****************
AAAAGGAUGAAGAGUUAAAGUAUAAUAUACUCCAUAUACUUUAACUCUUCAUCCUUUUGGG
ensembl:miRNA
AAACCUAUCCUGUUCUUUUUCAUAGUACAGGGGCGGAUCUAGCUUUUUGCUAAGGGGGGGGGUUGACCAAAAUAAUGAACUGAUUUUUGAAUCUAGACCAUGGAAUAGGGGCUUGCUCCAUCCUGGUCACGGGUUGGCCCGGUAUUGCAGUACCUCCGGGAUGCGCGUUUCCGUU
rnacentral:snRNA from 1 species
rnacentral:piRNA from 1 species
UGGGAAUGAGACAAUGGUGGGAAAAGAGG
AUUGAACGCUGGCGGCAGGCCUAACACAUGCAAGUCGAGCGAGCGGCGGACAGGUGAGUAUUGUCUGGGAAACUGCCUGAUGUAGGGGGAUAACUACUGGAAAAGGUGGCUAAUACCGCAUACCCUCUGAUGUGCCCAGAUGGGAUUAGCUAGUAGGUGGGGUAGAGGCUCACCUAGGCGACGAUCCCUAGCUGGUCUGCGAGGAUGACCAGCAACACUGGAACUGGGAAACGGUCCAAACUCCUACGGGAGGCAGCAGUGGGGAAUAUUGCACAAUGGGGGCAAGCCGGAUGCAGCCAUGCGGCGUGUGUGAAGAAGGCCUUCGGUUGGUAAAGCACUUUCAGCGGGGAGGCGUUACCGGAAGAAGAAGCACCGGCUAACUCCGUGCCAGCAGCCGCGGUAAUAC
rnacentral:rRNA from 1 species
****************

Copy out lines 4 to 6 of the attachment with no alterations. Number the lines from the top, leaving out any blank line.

rnacentral:snRNA from 1 species
rnacentral:piRNA from 1 species
UGGGAAUGAGACAAUGGUGGGAAAAGAGG